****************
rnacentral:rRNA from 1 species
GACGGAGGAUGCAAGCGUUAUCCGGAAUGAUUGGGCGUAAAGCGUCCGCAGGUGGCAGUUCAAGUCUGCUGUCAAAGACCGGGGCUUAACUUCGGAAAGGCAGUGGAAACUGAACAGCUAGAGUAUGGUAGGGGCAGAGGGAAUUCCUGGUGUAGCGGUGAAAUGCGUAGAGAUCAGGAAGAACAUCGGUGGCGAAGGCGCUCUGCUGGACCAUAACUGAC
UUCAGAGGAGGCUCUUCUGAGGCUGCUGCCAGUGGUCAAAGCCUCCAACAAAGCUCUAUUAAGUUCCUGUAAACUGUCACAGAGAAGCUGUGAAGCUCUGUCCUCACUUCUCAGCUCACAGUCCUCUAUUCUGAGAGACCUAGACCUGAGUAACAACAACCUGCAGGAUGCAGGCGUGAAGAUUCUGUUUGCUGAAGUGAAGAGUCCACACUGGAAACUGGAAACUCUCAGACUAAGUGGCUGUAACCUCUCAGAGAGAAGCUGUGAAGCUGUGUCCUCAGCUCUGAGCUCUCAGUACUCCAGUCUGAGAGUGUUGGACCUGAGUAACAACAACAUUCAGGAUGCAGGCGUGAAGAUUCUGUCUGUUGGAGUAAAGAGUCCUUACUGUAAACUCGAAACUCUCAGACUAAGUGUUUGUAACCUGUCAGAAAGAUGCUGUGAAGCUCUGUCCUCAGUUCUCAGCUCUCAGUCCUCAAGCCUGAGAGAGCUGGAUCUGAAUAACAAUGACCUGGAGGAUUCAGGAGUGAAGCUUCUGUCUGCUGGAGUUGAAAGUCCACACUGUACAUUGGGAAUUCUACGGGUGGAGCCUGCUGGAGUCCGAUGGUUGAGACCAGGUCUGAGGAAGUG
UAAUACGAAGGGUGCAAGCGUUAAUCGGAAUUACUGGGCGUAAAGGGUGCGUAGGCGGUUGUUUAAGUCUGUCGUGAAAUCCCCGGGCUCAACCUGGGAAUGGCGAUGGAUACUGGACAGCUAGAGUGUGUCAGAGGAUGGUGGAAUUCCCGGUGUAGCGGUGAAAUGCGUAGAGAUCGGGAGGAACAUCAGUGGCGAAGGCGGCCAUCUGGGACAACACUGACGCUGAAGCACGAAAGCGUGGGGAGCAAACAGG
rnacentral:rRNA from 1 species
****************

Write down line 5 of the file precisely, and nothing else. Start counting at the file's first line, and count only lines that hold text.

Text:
rnacentral:rRNA from 1 species